He had promised to testify on his own behalf, but his lawyers didn’t call a single witness in his first trial. After 14 days of deliberation, a deadlocked jury could reach a guilty verdict on only one of the 24 counts, lying to the FBI.
The feds vowed to do better when the retrial began April 20. This time, Blagojevich’s lawyers called Rep. Jesse Jackson Jr. and Chicago Mayor Rahm Emanuel to the stand as defense witnesses, but they were questioned only briefly.
Blagojevich, 54, couldn’t contain himself any longer, and on May 26, he took the stand himself.
“I used to be your governor. I’m here today . . . to tell you the truth” were his first words to the jurors.
He was on the stand for seven days, saying he liked to talk big, but he wasn’t a crook.
The former governor claimed the wiretaps showed him tossing out ideas, “good ones, bad ones, stupid ones.”
Well, he told jurors, he even thought of appointing himself to the Senate seat so he could travel to Afghanistan and help hunt down Osama bin Laden.
And he apologized for all the cursing on the wiretaps.
“When I hear myself swearing like that, I am a f- -king jerk,” he told jurors.
His testimony ran an emotional gamut. He was indignant one moment, laughing the next and then near tears later.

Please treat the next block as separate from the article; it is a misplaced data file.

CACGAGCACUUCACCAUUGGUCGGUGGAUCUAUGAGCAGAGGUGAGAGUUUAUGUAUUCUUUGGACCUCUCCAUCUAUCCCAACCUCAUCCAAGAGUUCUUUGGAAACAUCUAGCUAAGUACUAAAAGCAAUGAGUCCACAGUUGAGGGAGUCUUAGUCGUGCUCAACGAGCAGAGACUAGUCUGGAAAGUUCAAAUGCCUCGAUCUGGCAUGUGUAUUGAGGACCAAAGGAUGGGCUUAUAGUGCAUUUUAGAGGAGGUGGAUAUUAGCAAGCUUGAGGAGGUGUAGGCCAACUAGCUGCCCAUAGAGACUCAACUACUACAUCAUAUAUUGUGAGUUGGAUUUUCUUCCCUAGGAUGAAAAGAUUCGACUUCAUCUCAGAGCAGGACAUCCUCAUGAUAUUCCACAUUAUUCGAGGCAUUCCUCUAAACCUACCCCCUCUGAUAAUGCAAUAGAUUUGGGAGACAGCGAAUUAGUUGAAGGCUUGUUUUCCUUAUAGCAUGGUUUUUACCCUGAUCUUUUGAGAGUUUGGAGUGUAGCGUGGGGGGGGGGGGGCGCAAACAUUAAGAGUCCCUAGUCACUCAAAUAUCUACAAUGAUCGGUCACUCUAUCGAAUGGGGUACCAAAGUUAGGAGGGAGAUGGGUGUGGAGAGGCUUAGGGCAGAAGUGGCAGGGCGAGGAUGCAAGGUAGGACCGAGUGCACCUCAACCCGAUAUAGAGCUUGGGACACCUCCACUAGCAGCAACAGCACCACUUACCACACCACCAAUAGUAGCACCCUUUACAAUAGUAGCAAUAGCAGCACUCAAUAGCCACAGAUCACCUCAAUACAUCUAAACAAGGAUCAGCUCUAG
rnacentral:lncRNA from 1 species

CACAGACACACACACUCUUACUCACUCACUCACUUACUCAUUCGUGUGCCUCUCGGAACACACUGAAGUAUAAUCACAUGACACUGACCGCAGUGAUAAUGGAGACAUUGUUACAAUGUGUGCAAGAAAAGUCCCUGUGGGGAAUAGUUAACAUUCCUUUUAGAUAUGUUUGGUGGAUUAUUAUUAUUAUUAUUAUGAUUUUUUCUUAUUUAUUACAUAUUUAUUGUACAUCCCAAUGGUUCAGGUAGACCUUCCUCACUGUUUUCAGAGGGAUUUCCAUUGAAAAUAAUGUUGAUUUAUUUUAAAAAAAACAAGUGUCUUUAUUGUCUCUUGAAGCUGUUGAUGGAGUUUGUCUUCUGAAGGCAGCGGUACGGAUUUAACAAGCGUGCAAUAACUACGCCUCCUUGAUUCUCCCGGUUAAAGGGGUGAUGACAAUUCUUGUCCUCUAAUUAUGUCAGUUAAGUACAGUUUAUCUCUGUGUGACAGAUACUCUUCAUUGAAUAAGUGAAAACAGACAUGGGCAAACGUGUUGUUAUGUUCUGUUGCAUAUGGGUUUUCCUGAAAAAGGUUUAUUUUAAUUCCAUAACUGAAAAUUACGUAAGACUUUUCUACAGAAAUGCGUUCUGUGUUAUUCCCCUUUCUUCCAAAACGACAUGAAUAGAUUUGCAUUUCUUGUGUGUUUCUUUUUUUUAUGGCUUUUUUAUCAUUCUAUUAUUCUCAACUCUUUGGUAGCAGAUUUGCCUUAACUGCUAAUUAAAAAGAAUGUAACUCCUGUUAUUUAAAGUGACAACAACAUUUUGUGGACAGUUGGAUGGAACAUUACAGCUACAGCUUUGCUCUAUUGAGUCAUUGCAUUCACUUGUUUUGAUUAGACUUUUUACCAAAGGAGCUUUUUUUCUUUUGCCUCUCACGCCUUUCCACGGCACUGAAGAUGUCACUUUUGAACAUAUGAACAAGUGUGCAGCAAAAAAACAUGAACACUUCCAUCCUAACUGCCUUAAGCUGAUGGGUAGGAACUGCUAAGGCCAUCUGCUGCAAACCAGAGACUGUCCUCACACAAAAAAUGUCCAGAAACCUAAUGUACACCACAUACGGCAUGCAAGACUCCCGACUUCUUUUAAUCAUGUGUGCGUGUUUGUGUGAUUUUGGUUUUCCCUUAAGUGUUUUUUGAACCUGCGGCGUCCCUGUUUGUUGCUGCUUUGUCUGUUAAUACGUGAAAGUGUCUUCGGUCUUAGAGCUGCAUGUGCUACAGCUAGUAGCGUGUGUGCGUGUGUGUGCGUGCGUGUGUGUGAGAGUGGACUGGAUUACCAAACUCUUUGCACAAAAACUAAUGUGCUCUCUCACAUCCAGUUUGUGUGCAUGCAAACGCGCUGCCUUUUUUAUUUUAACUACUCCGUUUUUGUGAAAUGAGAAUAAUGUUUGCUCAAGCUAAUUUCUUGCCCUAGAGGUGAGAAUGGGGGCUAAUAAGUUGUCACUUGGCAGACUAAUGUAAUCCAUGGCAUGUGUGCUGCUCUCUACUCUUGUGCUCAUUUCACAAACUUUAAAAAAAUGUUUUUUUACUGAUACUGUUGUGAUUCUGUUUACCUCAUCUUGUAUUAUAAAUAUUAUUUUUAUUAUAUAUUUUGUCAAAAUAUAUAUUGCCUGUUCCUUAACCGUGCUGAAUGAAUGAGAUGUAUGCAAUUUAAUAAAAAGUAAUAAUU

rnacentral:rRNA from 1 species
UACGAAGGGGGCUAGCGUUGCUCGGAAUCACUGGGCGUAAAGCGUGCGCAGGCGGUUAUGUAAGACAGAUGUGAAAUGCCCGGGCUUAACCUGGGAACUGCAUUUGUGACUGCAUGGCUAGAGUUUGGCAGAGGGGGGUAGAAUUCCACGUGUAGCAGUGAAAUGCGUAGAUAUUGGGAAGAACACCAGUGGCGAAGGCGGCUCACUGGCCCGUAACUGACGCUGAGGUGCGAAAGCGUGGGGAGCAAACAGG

It didn’t work.
After nine days of deliberations, jurors yesterday found him guilty of nearly all 20 counts.
“What happened?” a stunned Blagojevich said, turning to his lawyer as he heard the verdict. His wife slumped against her brother, and then rushed to embrace her husband.
Fitzgerald, who has been touted as a future FBI director, said his latest victory was a “bittersweet moment.”
But Fitzgerald added that he was pleased that the jury saw past Blagojevich’s explanation that he was just engaging in run-of-the-mill political wheeling and dealing.
“That couldn’t be any further from the truth,” Fitzgerald said.
“Selling a Senate seat, shaking down a children’s hospital [whose director was seeking better Medicaid reimbursement] and squeezing a person to give money before you sign a bill that benefits them is not a gray area. It’s a crime.”
Fitzgerald said it was sad that he had to deal with convicting another Illinois governor — five years after he convicted the last one, Ryan, a Republican, who is currently serving a 6½-year prison term.
The jurors, 11 women and one man, said they found their former governor likeable, but the evidence spoke louder.
“He was personable,” said one juror. “It made it hard to separate what we actively had to do as jurors.”
The forewoman, a retired director of music and liturgy at a church, joked that she told her husband that if he’s considering a career in politics, he’d have to find a new wife.
It was a different Blagojevich who left the courthouse, hand in hand with his wife.
“Among the many lessons I’ve learned from this whole experience is to try to speak a little bit less, so I’m going to keep my remarks kind of short,” he told reporters.
“I frankly am stunned,” he added. “There’s not much left to say.”Tags:
federal convictions, rod blagojevich, us senate seat